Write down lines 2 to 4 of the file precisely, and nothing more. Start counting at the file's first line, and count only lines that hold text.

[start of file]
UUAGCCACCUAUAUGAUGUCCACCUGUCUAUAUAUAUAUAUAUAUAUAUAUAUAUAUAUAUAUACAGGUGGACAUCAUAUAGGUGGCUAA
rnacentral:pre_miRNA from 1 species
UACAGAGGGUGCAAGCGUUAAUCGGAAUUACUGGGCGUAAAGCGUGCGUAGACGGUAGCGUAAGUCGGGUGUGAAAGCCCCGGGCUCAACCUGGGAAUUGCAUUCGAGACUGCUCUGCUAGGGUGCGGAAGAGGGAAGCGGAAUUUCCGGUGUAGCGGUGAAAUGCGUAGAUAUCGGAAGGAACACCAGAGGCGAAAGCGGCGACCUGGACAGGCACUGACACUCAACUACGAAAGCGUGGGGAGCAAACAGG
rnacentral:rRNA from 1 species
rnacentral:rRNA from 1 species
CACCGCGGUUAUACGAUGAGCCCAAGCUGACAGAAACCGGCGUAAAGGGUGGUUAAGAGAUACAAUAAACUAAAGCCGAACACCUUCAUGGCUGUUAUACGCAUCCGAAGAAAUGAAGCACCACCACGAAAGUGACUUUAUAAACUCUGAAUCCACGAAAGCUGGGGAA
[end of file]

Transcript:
rnacentral:pre_miRNA from 1 species
UACAGAGGGUGCAAGCGUUAAUCGGAAUUACUGGGCGUAAAGCGUGCGUAGACGGUAGCGUAAGUCGGGUGUGAAAGCCCCGGGCUCAACCUGGGAAUUGCAUUCGAGACUGCUCUGCUAGGGUGCGGAAGAGGGAAGCGGAAUUUCCGGUGUAGCGGUGAAAUGCGUAGAUAUCGGAAGGAACACCAGAGGCGAAAGCGGCGACCUGGACAGGCACUGACACUCAACUACGAAAGCGUGGGGAGCAAACAGG
rnacentral:rRNA from 1 species